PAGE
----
Some simple tips:

1. Help out. If it’s a non-catered affair, offer to help set up, serve beverages, clean up. If it’s a catered party, offer to hand out name-tags, compose the invitations, do the decorations, get involved in the organization, make phone calls, etc.

2. Invite one or more people to travel to and/or from the event with you. Offer to pick them up and/or take them home if you’re driving.

3. Unless it’s a formal event, offer to be the photographer. Bring a real camera if you have one, rather than a phone. Bring a tripod, if possible, too. The camera is a great prop and conversation starter. You become “the photographer” and people relate to you in this capacity.

4. Ask if pets are allowed. Bring your dog, parrot, or chameleon.

5. If you’re brave, wear a truly ridiculous mask and/or a costume. Walk in and say, “Hey, who sent me that email saying this was a costume BBQ?” (Someone I know did this a long time ago, as a joke. We all laughed, and she became the star of the event. Most of the employees barely knew her name before.)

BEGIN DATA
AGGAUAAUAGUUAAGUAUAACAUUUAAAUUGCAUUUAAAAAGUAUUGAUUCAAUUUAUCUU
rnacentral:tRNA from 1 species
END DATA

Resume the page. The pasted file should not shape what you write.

10 Incredible Quotations About The Power Of Your Thoughts

By Richard Zwolinski, LMHC, CASAC & C.R. Zwolinski

1113685_34682217You have power over your mind – not outside events. Realize this, and you will find strength.

— Marcus Aurelius

Man’s mind is his very essence. Wherever your thoughts are, that is where you are – all of you.

— Rebbe Nachman of Breslov

What we achieve inwardly will change outer reality.

— Plutarch

Guard your thoughts very carefully, because thought can literally create a living thing.

— Rebbe Nachman of Breslov

Change your thoughts and you change your world.

— Norman Vincent Peale